Yes. There will be three costs to the water for those who join the scheme: investment in the final stages of the design optimization process and contractor selection; investment in construction and then meeting the ongoing operational costs of delivering the water. The final ownership structure and hence how costs will be determined has yet to be agreed.
Will the scheme deliver water to me?
At the moment the delivery reach of the scheme is not certain and relies on engineering design work and costings to be completed. WWL aims to make water as widely available as possible within the Wairarapa.
Is the Wakamoekau damming a river?
The scheme relies on taking water during periods of high flow from the Waingawa and transporting that water to off river storage. A portion of the Wakamoekau stream will flow into the reservoir and then out the other side of the reservoir so the stream will always continue to flow.
How will the Wakamoekau help our Wairarapa rivers?
The stored water will be released at the right time and with the right amount to ensure that downstream rivers can remain healthy, sustain their ecosystems and can be enjoyed for all the things we value our waterways for - this will be particularly important when our rivers run so dry in summer.
There is a specific amount of water to be held in the reservoir which has been specifically kept aside for the rivers, to protect them. This is called ‘environmental allocation’. During times of drought when we see rivers drying up the rivers suffer, the scheme will always be required to continue environmental allocations, which will encourage better river health.
Will the Wakamoekau cause flooding downstream?
Releases from the reservoir will be during times of water need which will occur when water is required so not in surplus on the river.
What happens to this reservoir if there is an earthquake?
Nothing will be built or developed until a full review of all risks has been done. This project is about securing a thriving future for the Wairarapa, not putting its people, landscapes, or creatures in danger. Global engineering and design firm, GHD has been selected as the design consultant on this project. The engineers will carry out a Site-Specific Seismic Assessment and a dam break assessment to inform what can be built.
The NZ standards around dam safety are stringent and any reservoir must comply fully with strict dam safety guidelines. This includes a formal peer review of the investigation, design and construction by an independent engineer with a sound background of experience in the type of dam being designed and constructed.
What will happen to the rivers if we take the water from them for the Wakamoekau?
The Wakamoekau will not harm the rivers surrounding it. It will only utilise excess water from the Waingawa River and Wakamoekau Stream. Boffa Miskell are our project ecologists and have completed the baseline ecological field survey. This work will form the Ecological Values Report which is a key component to the Assessment of Environmental Effects for the resource consent applications. The surveys included fish, water flow and quality, aquatic macroinvertebrates, stream habitat, lizard habitat, terrestrial vegetation, birds, and wetlands at the storage reservoir site, Lower Mikimiki, Wakamoekau Creek and Black Creek sites. While this work is in its early stages, our approach will be to err on the side of caution. We will work with experts and agencies to ensure we manage any biodiversity or other potential topics appropriately.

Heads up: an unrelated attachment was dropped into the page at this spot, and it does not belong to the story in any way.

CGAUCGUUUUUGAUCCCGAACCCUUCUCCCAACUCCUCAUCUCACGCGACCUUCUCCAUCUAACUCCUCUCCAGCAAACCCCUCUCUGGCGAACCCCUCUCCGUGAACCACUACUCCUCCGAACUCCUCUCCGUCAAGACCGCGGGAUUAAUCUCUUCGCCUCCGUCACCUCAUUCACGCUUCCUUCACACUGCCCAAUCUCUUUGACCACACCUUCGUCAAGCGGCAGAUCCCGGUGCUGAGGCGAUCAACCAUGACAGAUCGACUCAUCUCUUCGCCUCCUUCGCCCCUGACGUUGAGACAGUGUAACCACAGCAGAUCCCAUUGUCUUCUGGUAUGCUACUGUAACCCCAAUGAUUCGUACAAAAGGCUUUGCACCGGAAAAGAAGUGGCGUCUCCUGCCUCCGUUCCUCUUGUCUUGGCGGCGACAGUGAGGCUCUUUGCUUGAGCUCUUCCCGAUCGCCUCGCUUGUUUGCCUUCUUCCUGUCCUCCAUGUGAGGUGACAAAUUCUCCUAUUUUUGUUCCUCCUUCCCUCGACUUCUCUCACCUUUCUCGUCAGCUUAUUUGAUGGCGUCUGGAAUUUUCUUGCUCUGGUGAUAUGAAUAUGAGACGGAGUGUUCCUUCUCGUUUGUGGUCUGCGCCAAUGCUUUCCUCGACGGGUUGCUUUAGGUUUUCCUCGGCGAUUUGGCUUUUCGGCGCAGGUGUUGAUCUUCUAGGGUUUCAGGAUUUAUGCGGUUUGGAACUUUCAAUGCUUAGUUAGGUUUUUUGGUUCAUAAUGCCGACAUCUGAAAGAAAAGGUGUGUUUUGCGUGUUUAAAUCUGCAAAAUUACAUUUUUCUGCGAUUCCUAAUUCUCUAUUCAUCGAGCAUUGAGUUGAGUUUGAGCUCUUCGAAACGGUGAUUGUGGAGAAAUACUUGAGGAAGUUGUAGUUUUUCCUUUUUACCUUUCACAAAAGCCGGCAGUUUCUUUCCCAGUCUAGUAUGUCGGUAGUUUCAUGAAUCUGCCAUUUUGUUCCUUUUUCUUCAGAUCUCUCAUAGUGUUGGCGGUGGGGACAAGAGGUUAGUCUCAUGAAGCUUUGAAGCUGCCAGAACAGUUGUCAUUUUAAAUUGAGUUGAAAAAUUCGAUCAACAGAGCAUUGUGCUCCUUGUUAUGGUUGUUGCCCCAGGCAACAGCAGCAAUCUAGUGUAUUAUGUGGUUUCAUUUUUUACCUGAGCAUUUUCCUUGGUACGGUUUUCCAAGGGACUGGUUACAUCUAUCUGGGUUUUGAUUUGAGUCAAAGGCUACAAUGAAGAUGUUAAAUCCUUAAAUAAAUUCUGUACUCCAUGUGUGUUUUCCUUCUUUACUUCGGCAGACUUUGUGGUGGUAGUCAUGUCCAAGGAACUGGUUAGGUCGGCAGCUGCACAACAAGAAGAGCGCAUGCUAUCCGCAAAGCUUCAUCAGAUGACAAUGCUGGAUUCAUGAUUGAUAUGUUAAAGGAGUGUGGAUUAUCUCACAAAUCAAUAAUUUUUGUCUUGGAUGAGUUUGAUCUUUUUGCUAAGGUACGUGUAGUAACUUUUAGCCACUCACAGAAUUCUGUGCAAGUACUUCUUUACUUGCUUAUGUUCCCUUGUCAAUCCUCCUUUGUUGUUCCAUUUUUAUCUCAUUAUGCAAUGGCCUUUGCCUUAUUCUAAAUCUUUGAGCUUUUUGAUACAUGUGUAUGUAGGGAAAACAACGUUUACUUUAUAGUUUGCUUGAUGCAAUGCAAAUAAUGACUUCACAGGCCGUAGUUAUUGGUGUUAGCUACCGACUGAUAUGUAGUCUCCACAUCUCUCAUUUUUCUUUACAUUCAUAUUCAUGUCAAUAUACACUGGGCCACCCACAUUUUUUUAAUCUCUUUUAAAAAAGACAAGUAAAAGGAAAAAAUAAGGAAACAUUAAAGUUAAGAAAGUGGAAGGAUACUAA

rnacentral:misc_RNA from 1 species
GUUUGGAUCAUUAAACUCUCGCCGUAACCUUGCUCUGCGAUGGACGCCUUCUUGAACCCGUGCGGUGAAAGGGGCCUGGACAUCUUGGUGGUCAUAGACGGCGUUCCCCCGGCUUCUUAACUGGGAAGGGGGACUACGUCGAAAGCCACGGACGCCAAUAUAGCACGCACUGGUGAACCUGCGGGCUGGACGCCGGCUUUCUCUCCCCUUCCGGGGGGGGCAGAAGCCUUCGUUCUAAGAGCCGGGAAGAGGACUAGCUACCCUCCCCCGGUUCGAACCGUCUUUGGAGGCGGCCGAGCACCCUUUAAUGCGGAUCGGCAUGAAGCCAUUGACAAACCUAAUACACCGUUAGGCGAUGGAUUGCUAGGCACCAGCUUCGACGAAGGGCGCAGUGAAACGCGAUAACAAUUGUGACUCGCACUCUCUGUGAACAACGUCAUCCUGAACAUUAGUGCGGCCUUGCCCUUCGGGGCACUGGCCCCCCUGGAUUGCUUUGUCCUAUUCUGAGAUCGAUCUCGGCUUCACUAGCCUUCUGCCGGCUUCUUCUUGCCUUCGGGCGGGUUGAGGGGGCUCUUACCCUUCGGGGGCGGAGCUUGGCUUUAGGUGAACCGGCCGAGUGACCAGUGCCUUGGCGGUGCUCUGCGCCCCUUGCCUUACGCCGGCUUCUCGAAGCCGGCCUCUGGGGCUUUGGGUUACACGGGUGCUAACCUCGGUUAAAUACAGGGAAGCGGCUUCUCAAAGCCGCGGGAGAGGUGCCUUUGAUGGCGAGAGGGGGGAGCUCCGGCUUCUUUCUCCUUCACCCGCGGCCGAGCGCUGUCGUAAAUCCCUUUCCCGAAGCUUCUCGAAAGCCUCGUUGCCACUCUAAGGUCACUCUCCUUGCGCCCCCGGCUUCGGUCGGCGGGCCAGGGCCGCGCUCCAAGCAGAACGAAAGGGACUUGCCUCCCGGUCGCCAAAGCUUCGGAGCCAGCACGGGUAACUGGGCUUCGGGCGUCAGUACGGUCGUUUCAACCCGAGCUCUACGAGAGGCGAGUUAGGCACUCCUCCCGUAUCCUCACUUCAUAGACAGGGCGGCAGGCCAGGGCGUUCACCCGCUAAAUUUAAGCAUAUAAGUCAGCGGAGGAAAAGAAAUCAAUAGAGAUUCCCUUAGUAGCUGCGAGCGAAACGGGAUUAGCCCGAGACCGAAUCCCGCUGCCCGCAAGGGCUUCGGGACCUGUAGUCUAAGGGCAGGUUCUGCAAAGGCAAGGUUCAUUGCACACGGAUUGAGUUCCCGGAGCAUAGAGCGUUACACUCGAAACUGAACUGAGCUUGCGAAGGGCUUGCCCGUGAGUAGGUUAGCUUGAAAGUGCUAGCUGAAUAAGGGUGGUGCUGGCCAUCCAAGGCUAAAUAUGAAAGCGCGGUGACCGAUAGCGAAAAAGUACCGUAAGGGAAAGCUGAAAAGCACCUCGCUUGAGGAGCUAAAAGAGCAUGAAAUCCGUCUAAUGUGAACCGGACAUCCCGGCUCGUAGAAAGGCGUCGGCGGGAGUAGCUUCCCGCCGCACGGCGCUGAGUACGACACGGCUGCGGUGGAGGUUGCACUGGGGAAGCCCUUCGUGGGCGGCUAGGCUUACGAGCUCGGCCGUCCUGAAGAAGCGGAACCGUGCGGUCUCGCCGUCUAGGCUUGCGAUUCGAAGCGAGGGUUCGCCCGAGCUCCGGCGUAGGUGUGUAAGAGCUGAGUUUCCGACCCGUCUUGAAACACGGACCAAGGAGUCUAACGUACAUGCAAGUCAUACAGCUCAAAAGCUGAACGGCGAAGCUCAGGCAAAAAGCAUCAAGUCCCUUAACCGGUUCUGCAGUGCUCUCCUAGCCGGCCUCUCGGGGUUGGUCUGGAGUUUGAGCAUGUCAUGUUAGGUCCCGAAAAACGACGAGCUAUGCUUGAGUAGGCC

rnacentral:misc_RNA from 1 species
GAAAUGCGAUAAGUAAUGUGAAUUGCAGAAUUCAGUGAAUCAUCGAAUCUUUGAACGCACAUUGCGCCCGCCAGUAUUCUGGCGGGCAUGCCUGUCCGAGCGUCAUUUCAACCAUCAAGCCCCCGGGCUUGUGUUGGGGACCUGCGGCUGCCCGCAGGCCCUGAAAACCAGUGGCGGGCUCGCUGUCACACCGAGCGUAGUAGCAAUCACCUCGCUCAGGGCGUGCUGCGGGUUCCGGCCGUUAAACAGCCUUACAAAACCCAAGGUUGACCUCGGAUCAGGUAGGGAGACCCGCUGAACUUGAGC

How will Iwi benefit from this project?
We are currently working closely with Wairarapa Iwi to ensure they have every opportunity to determine how they benefit from this project. As part of the consent for this project, a Cultural Impacts Assessment will also be completed.
How is WWL working to the Principles of the Treaty of Waitangi?
WWL is committed to working in Partnership with Iwi. This means an obligation to act reasonably, honourably and in good faith from the principles of reciprocity and mutual benefit. Specifically, a duty to make informed decisions, a commitment to a genuine effort to work out agreements of issues between us, to owe each other cooperation, and a duty to consult.
Will the storage reservoir run out of water and how often?
The aim of the project is to deliver reliable water to users. Extensive work is currently taking place which will look to reinforce the initial work done which indicates the reservoir will fill and be able to deliver water to a reliability of greater than 90% on a volumetric basis. The additional work will involve modelling around rainfall patterns and infill data. The reservoir will be filled through pumping from the Waingawa River over the winter months and collecting flows from the Wakamoekau Stream and if required and suitable, possibly the Black Creek and Mikimiki catchments as well.
What happens if the scheme does not proceed?
WWL is committed to thoroughly exploring this scheme to determine firstly if it can be engineered and built, secondly if it can be fully consented and thirdly if it can be constructed and operated in an economic manner which adds value to the community, landholders and other water users. If one or more of the above objectives cannot be satisfied then WWL would advise the government, councils and landholders of this decision. The contribution of $25 per hectare plus GST would not be refunded as it would have been expended to co-fund the investigations.